Oil and gas commission cranks out more controversy
Garfield County correspondent
Summit County, CO Colorado
GLENWOOD SPRINGS ” The Colorado Oil and Gas Conservation Commission on Wednesday gave initial approval to a rule that requires oil and gas companies to install new equipment on certain facilities to reduce odors in three counties on the Western Slope.
The new rule would also require many operators to implement green completion practices ” a process that recovers gas that would otherwise be vented or flared during the completion phase of natural gas well.
The rule would additionally require companies to use practices like restricting construction during high-wind days to control fugitive dust.
Harris Sherman, executive director of the Colorado Department of Natural Resources and a commission member, said because of “the tremendous activity in Garfield, Rio Blanco and Mesa counties it made sense to give this rule a chance to work.”
Debate over the odor and dust rule among the oil and gas commissioners dominated a large part of their hearing on Monday. The commission later endorsed it on an unanimous vote.
Commissioners are expected to conduct final votes on new regulations for the state’s oil and gas industry when the commission holds three more hearings in mid-September. During two days of hearings this week, commissioners have tentatively approved 50 oil and gas rules.
“The rules that the commission provisionally approved this week reflect substantial input and proposed language from a variety of parties, including oil and gas companies, local governments, and environmental and citizens’ groups,” said Dave Neslin, acting director of the COGCC.
Meg Collins, president of the Colorado Oil and Gas Association, said in a statement released late Wednesday that the preliminary votes taken by the commission are not indicative of a final outcome on any topic.
“As proposed, these rules are unnecessary, costly, foster business uncertainty and go well beyond the intent of the Colorado General Assembly,” she said.
Collins added that industry is hopeful the commission will adopt rules that address “real, documented problems and not adopt (Gov. Bill Ritter’s) narrow, anti-industry political agenda.”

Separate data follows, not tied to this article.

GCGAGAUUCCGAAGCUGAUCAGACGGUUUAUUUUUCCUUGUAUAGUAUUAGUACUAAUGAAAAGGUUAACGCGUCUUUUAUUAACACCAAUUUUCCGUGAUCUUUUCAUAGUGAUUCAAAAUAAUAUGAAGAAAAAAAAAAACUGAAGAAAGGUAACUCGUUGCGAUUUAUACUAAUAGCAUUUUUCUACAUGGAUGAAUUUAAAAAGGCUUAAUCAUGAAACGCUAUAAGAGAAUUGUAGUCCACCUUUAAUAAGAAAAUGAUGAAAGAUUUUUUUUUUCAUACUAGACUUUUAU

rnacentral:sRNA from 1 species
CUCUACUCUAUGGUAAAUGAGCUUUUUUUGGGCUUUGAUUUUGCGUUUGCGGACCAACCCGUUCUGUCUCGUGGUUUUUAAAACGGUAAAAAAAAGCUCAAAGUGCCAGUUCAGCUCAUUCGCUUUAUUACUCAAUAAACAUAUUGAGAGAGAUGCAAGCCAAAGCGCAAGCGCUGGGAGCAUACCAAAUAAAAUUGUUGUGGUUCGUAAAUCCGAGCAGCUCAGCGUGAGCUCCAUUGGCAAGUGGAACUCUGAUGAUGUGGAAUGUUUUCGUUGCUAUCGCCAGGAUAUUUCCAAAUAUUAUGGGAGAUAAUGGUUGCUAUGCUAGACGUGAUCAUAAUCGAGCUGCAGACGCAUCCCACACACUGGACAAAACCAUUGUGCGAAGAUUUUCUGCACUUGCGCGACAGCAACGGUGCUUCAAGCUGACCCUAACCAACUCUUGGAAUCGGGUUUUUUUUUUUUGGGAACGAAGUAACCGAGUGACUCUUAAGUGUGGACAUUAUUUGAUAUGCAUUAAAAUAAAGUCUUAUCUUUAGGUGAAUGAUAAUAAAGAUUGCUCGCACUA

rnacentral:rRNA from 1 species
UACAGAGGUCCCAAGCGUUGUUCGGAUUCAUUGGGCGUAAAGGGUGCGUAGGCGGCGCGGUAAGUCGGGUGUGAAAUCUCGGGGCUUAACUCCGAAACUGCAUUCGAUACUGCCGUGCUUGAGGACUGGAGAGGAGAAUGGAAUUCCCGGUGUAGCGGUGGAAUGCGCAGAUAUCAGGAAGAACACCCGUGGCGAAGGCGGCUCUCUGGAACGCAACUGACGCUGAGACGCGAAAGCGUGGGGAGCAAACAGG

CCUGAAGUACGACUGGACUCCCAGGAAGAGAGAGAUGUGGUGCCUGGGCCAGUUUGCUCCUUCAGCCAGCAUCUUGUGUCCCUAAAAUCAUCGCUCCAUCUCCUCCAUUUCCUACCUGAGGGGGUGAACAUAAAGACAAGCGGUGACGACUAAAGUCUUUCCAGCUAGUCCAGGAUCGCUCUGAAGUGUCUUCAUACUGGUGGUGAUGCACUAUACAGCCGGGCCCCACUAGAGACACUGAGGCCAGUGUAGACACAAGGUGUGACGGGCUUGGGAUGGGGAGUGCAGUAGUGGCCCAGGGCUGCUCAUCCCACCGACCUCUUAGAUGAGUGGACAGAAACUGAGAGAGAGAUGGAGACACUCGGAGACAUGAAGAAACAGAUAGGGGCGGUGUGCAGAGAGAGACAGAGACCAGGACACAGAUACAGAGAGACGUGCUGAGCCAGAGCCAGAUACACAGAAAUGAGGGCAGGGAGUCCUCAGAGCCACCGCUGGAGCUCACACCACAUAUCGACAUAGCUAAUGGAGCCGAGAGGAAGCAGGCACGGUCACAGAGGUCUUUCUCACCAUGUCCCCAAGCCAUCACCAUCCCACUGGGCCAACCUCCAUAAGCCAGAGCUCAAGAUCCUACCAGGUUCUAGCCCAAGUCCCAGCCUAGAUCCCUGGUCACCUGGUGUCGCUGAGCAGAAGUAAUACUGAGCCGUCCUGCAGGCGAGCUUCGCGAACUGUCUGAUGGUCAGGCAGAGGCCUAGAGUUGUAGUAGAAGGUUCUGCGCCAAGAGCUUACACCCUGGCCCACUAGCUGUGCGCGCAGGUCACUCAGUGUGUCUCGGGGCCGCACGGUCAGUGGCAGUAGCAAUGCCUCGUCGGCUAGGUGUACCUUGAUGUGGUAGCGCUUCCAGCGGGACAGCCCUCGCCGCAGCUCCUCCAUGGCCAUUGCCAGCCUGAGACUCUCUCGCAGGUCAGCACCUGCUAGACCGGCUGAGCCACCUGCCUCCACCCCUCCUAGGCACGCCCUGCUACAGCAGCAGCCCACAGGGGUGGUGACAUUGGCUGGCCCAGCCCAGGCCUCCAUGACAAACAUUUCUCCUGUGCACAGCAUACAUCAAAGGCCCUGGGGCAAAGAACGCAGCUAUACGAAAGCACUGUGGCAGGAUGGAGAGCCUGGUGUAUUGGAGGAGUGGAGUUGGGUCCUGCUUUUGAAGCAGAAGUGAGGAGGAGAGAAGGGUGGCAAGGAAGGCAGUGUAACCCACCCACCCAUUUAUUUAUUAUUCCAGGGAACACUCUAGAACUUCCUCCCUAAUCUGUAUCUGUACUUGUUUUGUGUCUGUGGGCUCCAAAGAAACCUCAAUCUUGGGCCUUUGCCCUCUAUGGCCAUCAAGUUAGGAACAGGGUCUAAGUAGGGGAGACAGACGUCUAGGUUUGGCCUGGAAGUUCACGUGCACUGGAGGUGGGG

The odor-control rule commissioners tentatively approved Wednesday would require operators in Garfield, Rio Blanco and Mesa counties to install odor-control equipment to reduce volatile organic compound (VOC) emissions, which can pose health hazards.
Targeted facilities are operators’ condensate tanks, water tanks and dehydrators that are located within a quarter-mile of places like homes and schools, and that have the potential to release more than 5 tons or more of VOCs a year.
The rule would also prohibit companies from establishing storage pits that have the potential to release more than five tons of VOCs a year within a quarter-mile of occupied buildings.
Commissioner Joshua Epel, who works for the oil and gas industry, said testimony from previous commission hearings over the odor rule showed the “only county that should be subject” to the odor-control rule is Garfield County.
At a Northwest Colorado Oil and Gas Forum meeting last December, it was reported that during the previous three months there were 23 odor complaints tied to the oil and gas industry in Garfield County. That figure came from complaints submitted to the COGCC and to the county.
The new odor and dust rule is slated to go into effect on Oct. 1 of next year, according to the rules.
Commissioners also approved a rule on Wednesday that would require operators to use best management practices to control storm water runoff from well pads, according to the COGCC.
Although the commission has tentatively approved more than 50 rules during two days of hearings, they have not yet waded into rule language that could lead to 90-day drilling restrictions for companies operating in certain areas on the Western Slope.
Operators can avoid that restriction if they draft comprehensive drilling plans, consult with the Division of Wildlife, limit their density in certain areas or demonstrate that their targeted drilling area has a demonstrated lack of habitat, according to the rules.
The proposed 90-day drilling restriction has generated the most amount of criticism from the state’s oil and gas industry.
Rules commissioners provisionally approved on Tuesday have also been the subject of criticism of the industry. Commissioners gave an initial OK to a rule that would require oil and gas companies to maintain inventories of chemicals used at a well site.
They also endorsed a regulation that would prohibit the building of certain oil and gas facilities of 300 feet for a distance of five miles upstream of a public water supply.
The drafting of new rules for the state’s oil and gas industry is a result of legislation the state Legislature passed last year that required the state to consider public health and wildlife impacts to minimize harm from oil and gas development.
Much of the impetus for the legislation came from a surge in drilling activity across Colorado. In Garfield County alone, the number of drilling permits issued between 2004 and 2007 skyrocketed by 220 percent.
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